I find incarnation deeply humbling, as He who knew how universe was created as He created it, who knew the mysteries of all that is and will be, decided to submit Himself to ‘nothingness’. I mean, becoming a baby and later growing up as a boy, He became dependant on Mary and Joseph and others and had to grow, in stature and in knowledge. Fr. John says how that is what makes Jesus fully human, the fact He had to grow. I find it very moving thinking of this God who loved this earth so much, who loved us in such a way that He became like us in order to show us that Love. Interesting how I came to speak about that, as that was not on my mind as I started to write this.

Maybe I was writing about it because I am so aware of the frustrations and pains this earth brings in our lives. Definitely, ‘it can be better than it is’, life here is far from being perfect. Yet I know of His love, of His desire to show us that love, to love us to redemption. I do not find contradiction in these two. The latter gives me hope as He dwells in the reality of the earth, even if sometimes not as evident as we would wish Him to appear. It seems to me that there is an urgent need to join Christ in the work of redemption of this earth, here and now. There is no time for timidity. But where do we start? How do we do it? Maybe we have already started by letting Christ inhabit our reality and reshape our values, bit by bit, drop by drop of His grace will achieve that in us so we can be signs of His presence in this world, ‘instruments of His love and peace’. Maybe He is calling us to something new, maybe He is calling me, I do not yet fully know. However, I do sense its urgency and need for commitment.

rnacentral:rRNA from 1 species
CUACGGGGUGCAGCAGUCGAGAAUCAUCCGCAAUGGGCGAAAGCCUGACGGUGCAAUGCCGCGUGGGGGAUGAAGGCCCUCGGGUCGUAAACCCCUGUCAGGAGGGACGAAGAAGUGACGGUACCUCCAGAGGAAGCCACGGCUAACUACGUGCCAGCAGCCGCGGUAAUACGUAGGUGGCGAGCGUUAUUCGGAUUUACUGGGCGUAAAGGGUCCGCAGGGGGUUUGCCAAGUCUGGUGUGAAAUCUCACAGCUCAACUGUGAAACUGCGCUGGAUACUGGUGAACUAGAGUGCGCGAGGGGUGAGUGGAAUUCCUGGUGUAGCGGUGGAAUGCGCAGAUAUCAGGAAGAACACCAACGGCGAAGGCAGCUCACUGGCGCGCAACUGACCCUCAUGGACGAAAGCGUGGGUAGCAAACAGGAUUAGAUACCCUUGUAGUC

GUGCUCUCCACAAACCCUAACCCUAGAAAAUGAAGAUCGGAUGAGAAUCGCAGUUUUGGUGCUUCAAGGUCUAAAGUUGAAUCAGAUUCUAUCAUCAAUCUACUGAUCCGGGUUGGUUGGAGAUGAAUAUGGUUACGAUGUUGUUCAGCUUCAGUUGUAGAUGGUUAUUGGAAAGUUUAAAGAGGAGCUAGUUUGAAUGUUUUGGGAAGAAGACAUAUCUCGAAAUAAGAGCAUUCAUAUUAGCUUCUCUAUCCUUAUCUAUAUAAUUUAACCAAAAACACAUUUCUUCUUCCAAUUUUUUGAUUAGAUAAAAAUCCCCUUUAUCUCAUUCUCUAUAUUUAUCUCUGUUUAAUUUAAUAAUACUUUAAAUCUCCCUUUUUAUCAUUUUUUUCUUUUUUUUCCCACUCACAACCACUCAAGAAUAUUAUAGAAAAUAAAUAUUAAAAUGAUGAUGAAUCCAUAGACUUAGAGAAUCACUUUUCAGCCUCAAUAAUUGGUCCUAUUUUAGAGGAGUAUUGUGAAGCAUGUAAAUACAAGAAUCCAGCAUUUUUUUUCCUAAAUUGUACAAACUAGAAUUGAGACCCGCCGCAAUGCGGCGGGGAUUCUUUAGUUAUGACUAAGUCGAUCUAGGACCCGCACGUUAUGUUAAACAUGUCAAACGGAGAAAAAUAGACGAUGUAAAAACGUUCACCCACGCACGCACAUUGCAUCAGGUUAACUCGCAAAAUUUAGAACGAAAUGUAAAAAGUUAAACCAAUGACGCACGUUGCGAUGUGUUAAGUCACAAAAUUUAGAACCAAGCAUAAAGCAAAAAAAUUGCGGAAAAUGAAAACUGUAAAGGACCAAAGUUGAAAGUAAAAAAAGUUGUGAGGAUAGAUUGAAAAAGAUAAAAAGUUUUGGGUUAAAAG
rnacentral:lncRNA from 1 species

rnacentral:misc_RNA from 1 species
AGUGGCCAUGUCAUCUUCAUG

“I think that what I need to learn is an almost infinite tolerance and compassion because negative thought gets nowhere. I am beginning to think that in our time we will correct almost nothing, and get almost nowhere: but if we can just prepare a compassionate and receptive soil for the future, we will have done a great work. I feel at least that this is the turn my own life ought to take.” (Thomas Merton)

* Celts had a notion of thin places, places where heaven and earth meet, places where distance between heaven and earth was paper-thin.

© Iva Beranek (Dublin, October 2008)
Photo by © Iva Beranek

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2 thoughts on “A Thin Place of Urgency*

  1. Thank you for sharing these deep reflections. I was just feeling a sense of frustration at an inability to establish a regular Centering practice and your words have transformed that to a sense of the caol áit (thin place) and the present opportunity.
    I am reminded of Richard Rohr’s themes of the perennial tradition (synopsis):
    There is a God
    I long for God
    My destiny is God
    I share your sense of urgency and need for commitment, yet this somehow leads us to grasp at the Presence. And this is our incarnation. A complete inability to realise that which we most desire by our own efforts. We are truly human and by His grace truly Divine.
    When I can no longer hold this paradox in mind I recall Denise Levertov’s Avowal:
    As swimmers dare
    to lie face to the sky
    and water bears them,
    as hawks rest upon air
    and air sustains them,
    so would I learn to attain
    freefall, and float
    into Creator Spirit’s deep embrace,
    knowing no effort earns
    that all-surrounding grace.

  2. Thank you, Pat, I am glad this spoke to you. I wrote this a few years ago, and it still speaks to me as well. I would agree. I no longer sense same ‘urgency’ as much, but the need to ‘be’ in God’s presence remains.